By David Chute

New frame technologies are actually no-brainers for optical retailers looking to offer quality, convenience and clever yet honest marketing talking points to their customers. Informed reliance on the vast array of new frame technology leads to increased sales and profit, and most importantly, customer satisfaction as well as referrals. Although the rate of technological change has been relatively rapid and well communicated in optical lenses and contact lenses, it has not been as quick or well understood in frames. On an industry wide level there have been three fundamental and widespread technology innovations in recent years: magnetic clips-ons; the increased use of advanced metals such as Flexon and Beta Titanium; and the explosion in "barely there" eyewear enabled by the replacement of screws and nuts with pressure-fit fasteners in drilled rimless eyewear like Silhouette's Titan Minimal Art and Marchon's Airlock.

Looking to the future, the pace of innovation in frames should continue, as there are several new technologies just now entering the market, or in development, set to dramatically improve a frame's look and function.

One of these new tech-trends enhances and extends the “barely there” look in eyewear via the evolution of so-called “floating” lenses. This newest development in three-piece mounting systems enables a new look by eliminating the need to drill holes or notches to fasten metal hardware onto lenses. These floatinglens systems attach to the lens through micro-cables or thin steel bands that entrap the lens inside a channel cut into the lens edge. This provides better vision since there are no peripheral distractions at the side of each lens; and, equally important, offers a less obstructed view of the wearer’s face by eliminating all metal intrusions inside the lens perimeter. This frame-to-lens mating system has the added benefit of being relatively straightforward for processing in a lab.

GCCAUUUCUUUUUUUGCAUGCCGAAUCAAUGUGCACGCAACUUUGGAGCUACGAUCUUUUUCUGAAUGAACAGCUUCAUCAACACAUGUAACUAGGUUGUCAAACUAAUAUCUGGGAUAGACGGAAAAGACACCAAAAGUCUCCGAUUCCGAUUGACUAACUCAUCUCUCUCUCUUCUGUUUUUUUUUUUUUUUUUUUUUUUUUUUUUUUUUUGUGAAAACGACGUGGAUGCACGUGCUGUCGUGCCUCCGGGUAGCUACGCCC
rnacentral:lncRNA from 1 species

Viva recently introduced their PURE Eyewear collection, which uses a micro cable made of small filaments to encircle each lens between the bridge and end-piece. The cable is tightened through mini-screws in the end-piece once the lenses are cut, grooved and inserted. This uncomplicated process entraps and holds the lenses in place. The end-piece and bridge appear to hover on the side of the lens, since they do not intrude inside the lens perimeter.

A similar technology, not yet on the U.S. market, is being developed and marketed in Italy. This system utilizes a continuous, thin band of stainless steel that rests inside a narrow lens groove. The thin stainless-steel band is tightened after the lenses are cut and inserted by pulling them together behind the bridge. Whether this approach (or others still in the research and development phase) makes it to market, the “floating lens” look offers a dramatic new alternative to traditional rimless eyewear.

Another new tech trend gaining both dispenser and lab (and consumer!) interest has been the elimination of traditional screws with fasteners that will not loosen or fall out. This movement toward screw-less eyewear accelerated when Silhouette and others devised pressure- fit lens systems, virtually eliminating screws and nuts in drilled rimless eyewear. As a sort of alternative off-shoot to these pressurefit systems the new V-Lock system from Viva (Editor’s note: Author David Chute’s i2C Ventures played the key development role bringing this tech to market. See sidebar above.) eliminates the eye wire screw in metal frames by using an integrated cam and closure block system. V-Lock uses a micro spring steel cam arm that opens the upper and lower closure blocks wide enough to allow a traditionally beveled lens to be inserted. When the cam arm is closed, it snaps into a channel cut into the back and top of the closure block, locking the lens in place. V-Lock does not require special processing tools and will not open accidentally.